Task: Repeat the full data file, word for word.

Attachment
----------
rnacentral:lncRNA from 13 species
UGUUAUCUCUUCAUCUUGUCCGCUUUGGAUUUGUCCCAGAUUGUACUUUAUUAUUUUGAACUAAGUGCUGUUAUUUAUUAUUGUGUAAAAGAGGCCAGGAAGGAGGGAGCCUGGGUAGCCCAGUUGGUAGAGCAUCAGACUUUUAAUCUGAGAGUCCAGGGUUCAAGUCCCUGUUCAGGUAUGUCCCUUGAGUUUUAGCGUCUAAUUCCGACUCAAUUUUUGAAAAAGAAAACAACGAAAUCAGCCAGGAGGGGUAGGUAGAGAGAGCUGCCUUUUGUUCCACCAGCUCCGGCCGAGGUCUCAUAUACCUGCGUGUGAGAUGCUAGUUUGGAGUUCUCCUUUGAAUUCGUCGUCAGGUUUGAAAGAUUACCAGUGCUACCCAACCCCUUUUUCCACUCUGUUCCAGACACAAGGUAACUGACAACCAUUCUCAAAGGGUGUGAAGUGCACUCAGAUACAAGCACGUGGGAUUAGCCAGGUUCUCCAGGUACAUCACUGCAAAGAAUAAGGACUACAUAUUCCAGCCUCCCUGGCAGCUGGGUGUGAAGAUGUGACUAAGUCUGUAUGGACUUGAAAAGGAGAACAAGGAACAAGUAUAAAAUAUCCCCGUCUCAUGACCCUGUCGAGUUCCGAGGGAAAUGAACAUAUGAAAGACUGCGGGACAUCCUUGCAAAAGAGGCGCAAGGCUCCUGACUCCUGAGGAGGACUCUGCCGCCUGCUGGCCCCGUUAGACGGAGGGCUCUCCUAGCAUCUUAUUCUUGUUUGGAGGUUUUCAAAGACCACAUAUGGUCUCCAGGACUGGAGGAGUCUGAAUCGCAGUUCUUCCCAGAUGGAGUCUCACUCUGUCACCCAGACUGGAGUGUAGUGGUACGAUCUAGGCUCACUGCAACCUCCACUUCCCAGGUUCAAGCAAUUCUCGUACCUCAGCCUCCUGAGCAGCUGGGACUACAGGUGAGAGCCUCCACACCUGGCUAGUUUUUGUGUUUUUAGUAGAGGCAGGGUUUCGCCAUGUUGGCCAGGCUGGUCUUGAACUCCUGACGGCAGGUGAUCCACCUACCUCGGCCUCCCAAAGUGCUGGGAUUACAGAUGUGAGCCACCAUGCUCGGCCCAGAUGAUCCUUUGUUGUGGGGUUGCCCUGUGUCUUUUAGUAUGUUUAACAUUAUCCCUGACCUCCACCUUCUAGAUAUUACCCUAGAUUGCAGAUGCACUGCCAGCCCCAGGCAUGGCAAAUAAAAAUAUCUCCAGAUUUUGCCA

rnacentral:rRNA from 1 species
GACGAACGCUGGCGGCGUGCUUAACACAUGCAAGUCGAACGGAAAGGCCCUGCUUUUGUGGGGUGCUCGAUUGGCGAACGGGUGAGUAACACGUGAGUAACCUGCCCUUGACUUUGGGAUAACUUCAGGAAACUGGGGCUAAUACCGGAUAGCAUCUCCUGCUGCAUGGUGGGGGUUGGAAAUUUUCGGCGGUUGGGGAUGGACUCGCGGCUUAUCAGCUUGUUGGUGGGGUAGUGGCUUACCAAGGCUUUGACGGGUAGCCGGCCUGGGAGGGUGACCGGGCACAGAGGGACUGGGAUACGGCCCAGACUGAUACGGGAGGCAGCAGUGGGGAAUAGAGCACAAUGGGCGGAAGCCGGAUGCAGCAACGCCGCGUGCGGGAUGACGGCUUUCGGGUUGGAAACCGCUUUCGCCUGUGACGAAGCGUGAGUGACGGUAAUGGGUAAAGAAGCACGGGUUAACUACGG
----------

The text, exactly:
rnacentral:lncRNA from 13 species
UGUUAUCUCUUCAUCUUGUCCGCUUUGGAUUUGUCCCAGAUUGUACUUUAUUAUUUUGAACUAAGUGCUGUUAUUUAUUAUUGUGUAAAAGAGGCCAGGAAGGAGGGAGCCUGGGUAGCCCAGUUGGUAGAGCAUCAGACUUUUAAUCUGAGAGUCCAGGGUUCAAGUCCCUGUUCAGGUAUGUCCCUUGAGUUUUAGCGUCUAAUUCCGACUCAAUUUUUGAAAAAGAAAACAACGAAAUCAGCCAGGAGGGGUAGGUAGAGAGAGCUGCCUUUUGUUCCACCAGCUCCGGCCGAGGUCUCAUAUACCUGCGUGUGAGAUGCUAGUUUGGAGUUCUCCUUUGAAUUCGUCGUCAGGUUUGAAAGAUUACCAGUGCUACCCAACCCCUUUUUCCACUCUGUUCCAGACACAAGGUAACUGACAACCAUUCUCAAAGGGUGUGAAGUGCACUCAGAUACAAGCACGUGGGAUUAGCCAGGUUCUCCAGGUACAUCACUGCAAAGAAUAAGGACUACAUAUUCCAGCCUCCCUGGCAGCUGGGUGUGAAGAUGUGACUAAGUCUGUAUGGACUUGAAAAGGAGAACAAGGAACAAGUAUAAAAUAUCCCCGUCUCAUGACCCUGUCGAGUUCCGAGGGAAAUGAACAUAUGAAAGACUGCGGGACAUCCUUGCAAAAGAGGCGCAAGGCUCCUGACUCCUGAGGAGGACUCUGCCGCCUGCUGGCCCCGUUAGACGGAGGGCUCUCCUAGCAUCUUAUUCUUGUUUGGAGGUUUUCAAAGACCACAUAUGGUCUCCAGGACUGGAGGAGUCUGAAUCGCAGUUCUUCCCAGAUGGAGUCUCACUCUGUCACCCAGACUGGAGUGUAGUGGUACGAUCUAGGCUCACUGCAACCUCCACUUCCCAGGUUCAAGCAAUUCUCGUACCUCAGCCUCCUGAGCAGCUGGGACUACAGGUGAGAGCCUCCACACCUGGCUAGUUUUUGUGUUUUUAGUAGAGGCAGGGUUUCGCCAUGUUGGCCAGGCUGGUCUUGAACUCCUGACGGCAGGUGAUCCACCUACCUCGGCCUCCCAAAGUGCUGGGAUUACAGAUGUGAGCCACCAUGCUCGGCCCAGAUGAUCCUUUGUUGUGGGGUUGCCCUGUGUCUUUUAGUAUGUUUAACAUUAUCCCUGACCUCCACCUUCUAGAUAUUACCCUAGAUUGCAGAUGCACUGCCAGCCCCAGGCAUGGCAAAUAAAAAUAUCUCCAGAUUUUGCCA

rnacentral:rRNA from 1 species
GACGAACGCUGGCGGCGUGCUUAACACAUGCAAGUCGAACGGAAAGGCCCUGCUUUUGUGGGGUGCUCGAUUGGCGAACGGGUGAGUAACACGUGAGUAACCUGCCCUUGACUUUGGGAUAACUUCAGGAAACUGGGGCUAAUACCGGAUAGCAUCUCCUGCUGCAUGGUGGGGGUUGGAAAUUUUCGGCGGUUGGGGAUGGACUCGCGGCUUAUCAGCUUGUUGGUGGGGUAGUGGCUUACCAAGGCUUUGACGGGUAGCCGGCCUGGGAGGGUGACCGGGCACAGAGGGACUGGGAUACGGCCCAGACUGAUACGGGAGGCAGCAGUGGGGAAUAGAGCACAAUGGGCGGAAGCCGGAUGCAGCAACGCCGCGUGCGGGAUGACGGCUUUCGGGUUGGAAACCGCUUUCGCCUGUGACGAAGCGUGAGUGACGGUAAUGGGUAAAGAAGCACGGGUUAACUACGG